How we cite the quotes:
Citations follow this format: (Act.Line)
| Quote #19
There comes one moment, once – and God help those
Who pass that moment by! – when Beauty stands
Looking into the soul with grave, sweet eyes
That sicken at pretty words! (III. 295-298)
Cyrano personifies "Beauty" here and claims that at one point in a relationship, compliments and pretty words mean nothing to her. Beauty, he claims, is a demanding mistress. Much like Roxane.
| Quote #20
All small things that once meant You –
Remember last year, the First of May,
A little before noon, you had your hair
Drawn low, that one time only. Is that strange?
You know how, after looking at the sun,
One sees red suns everywhere – so, for hours
After the flood of sunshine that you are,
My eyes are blinded by your burning hair!
Yes…that is…Love – (III. 308-316)
Cyrano is still defining Roxane only in terms of her looks. He is as guilty as she is for valuing appearances.
| Quote #21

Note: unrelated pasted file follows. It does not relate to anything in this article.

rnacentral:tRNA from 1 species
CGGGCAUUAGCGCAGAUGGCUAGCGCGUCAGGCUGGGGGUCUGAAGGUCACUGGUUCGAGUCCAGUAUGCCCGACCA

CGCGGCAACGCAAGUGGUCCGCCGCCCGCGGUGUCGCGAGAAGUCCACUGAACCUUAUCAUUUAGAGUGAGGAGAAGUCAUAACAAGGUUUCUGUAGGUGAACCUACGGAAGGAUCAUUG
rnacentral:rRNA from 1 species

Oh, this is terrible!
THE CAPUCHIN (Turns the light of his lantern on Cyrano)
You are to be-
I am the bridegroom!
THE CAPUCHIN (Turns his lantern upon Christian; then as if some suspicion crossed his mind, upon seeing the young man so handsome.)
Oh – why, you…
Look here –
"Postscript: Give to the Convent in my name
One hundred and twenty pistols" –
Think of it!
A worthy lord – a very worthy lord!...
(To Roxane, solemnly)
Daughter, resign yourself! (III. 441-446)
The Capuchin is used to seeing young pretty maidens forced to wed ugly old men. The fact that he thought the groom was Cyrano says something about just how ugly Cyrano is.